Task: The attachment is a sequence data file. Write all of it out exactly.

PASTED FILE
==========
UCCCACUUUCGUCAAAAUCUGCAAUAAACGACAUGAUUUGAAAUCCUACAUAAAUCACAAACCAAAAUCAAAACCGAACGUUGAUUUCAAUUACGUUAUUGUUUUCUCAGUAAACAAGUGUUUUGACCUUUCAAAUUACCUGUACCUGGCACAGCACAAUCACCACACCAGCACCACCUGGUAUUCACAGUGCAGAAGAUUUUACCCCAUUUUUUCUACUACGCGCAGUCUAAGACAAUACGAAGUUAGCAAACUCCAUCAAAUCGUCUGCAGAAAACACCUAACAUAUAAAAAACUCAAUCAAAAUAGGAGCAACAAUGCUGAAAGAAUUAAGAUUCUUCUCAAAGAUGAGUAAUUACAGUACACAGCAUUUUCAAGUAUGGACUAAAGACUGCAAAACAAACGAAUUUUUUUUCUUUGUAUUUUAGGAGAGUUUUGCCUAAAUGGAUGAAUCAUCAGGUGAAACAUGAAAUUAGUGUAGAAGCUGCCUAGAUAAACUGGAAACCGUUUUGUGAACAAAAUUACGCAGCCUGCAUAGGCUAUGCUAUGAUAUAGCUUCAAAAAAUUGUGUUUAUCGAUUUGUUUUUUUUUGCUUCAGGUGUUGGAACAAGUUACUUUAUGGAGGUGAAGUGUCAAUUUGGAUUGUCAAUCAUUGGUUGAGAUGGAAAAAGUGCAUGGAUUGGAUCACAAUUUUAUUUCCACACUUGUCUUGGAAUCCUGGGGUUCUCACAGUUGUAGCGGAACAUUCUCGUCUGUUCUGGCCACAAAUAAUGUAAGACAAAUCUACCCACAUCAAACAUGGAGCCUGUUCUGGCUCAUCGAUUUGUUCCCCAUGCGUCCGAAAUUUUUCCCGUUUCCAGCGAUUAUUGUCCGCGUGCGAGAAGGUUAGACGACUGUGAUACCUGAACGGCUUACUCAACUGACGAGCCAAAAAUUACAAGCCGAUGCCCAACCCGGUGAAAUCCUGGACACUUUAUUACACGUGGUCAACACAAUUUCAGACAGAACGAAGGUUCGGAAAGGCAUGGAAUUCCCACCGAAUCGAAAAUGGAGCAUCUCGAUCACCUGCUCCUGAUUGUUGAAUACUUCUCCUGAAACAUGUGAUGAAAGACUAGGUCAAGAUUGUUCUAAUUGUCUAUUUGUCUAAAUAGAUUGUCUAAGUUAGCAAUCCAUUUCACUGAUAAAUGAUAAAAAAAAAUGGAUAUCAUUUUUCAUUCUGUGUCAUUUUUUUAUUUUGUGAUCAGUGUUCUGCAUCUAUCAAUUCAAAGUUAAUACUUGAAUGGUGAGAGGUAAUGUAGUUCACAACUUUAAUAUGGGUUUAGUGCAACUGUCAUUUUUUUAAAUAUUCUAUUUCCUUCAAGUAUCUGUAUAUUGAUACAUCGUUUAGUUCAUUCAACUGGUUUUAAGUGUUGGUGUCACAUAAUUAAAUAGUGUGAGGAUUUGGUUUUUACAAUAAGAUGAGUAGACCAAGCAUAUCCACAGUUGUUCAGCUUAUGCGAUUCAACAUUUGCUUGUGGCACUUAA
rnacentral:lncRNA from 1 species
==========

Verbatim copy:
UCCCACUUUCGUCAAAAUCUGCAAUAAACGACAUGAUUUGAAAUCCUACAUAAAUCACAAACCAAAAUCAAAACCGAACGUUGAUUUCAAUUACGUUAUUGUUUUCUCAGUAAACAAGUGUUUUGACCUUUCAAAUUACCUGUACCUGGCACAGCACAAUCACCACACCAGCACCACCUGGUAUUCACAGUGCAGAAGAUUUUACCCCAUUUUUUCUACUACGCGCAGUCUAAGACAAUACGAAGUUAGCAAACUCCAUCAAAUCGUCUGCAGAAAACACCUAACAUAUAAAAAACUCAAUCAAAAUAGGAGCAACAAUGCUGAAAGAAUUAAGAUUCUUCUCAAAGAUGAGUAAUUACAGUACACAGCAUUUUCAAGUAUGGACUAAAGACUGCAAAACAAACGAAUUUUUUUUCUUUGUAUUUUAGGAGAGUUUUGCCUAAAUGGAUGAAUCAUCAGGUGAAACAUGAAAUUAGUGUAGAAGCUGCCUAGAUAAACUGGAAACCGUUUUGUGAACAAAAUUACGCAGCCUGCAUAGGCUAUGCUAUGAUAUAGCUUCAAAAAAUUGUGUUUAUCGAUUUGUUUUUUUUUGCUUCAGGUGUUGGAACAAGUUACUUUAUGGAGGUGAAGUGUCAAUUUGGAUUGUCAAUCAUUGGUUGAGAUGGAAAAAGUGCAUGGAUUGGAUCACAAUUUUAUUUCCACACUUGUCUUGGAAUCCUGGGGUUCUCACAGUUGUAGCGGAACAUUCUCGUCUGUUCUGGCCACAAAUAAUGUAAGACAAAUCUACCCACAUCAAACAUGGAGCCUGUUCUGGCUCAUCGAUUUGUUCCCCAUGCGUCCGAAAUUUUUCCCGUUUCCAGCGAUUAUUGUCCGCGUGCGAGAAGGUUAGACGACUGUGAUACCUGAACGGCUUACUCAACUGACGAGCCAAAAAUUACAAGCCGAUGCCCAACCCGGUGAAAUCCUGGACACUUUAUUACACGUGGUCAACACAAUUUCAGACAGAACGAAGGUUCGGAAAGGCAUGGAAUUCCCACCGAAUCGAAAAUGGAGCAUCUCGAUCACCUGCUCCUGAUUGUUGAAUACUUCUCCUGAAACAUGUGAUGAAAGACUAGGUCAAGAUUGUUCUAAUUGUCUAUUUGUCUAAAUAGAUUGUCUAAGUUAGCAAUCCAUUUCACUGAUAAAUGAUAAAAAAAAAUGGAUAUCAUUUUUCAUUCUGUGUCAUUUUUUUAUUUUGUGAUCAGUGUUCUGCAUCUAUCAAUUCAAAGUUAAUACUUGAAUGGUGAGAGGUAAUGUAGUUCACAACUUUAAUAUGGGUUUAGUGCAACUGUCAUUUUUUUAAAUAUUCUAUUUCCUUCAAGUAUCUGUAUAUUGAUACAUCGUUUAGUUCAUUCAACUGGUUUUAAGUGUUGGUGUCACAUAAUUAAAUAGUGUGAGGAUUUGGUUUUUACAAUAAGAUGAGUAGACCAAGCAUAUCCACAGUUGUUCAGCUUAUGCGAUUCAACAUUUGCUUGUGGCACUUAA
rnacentral:lncRNA from 1 species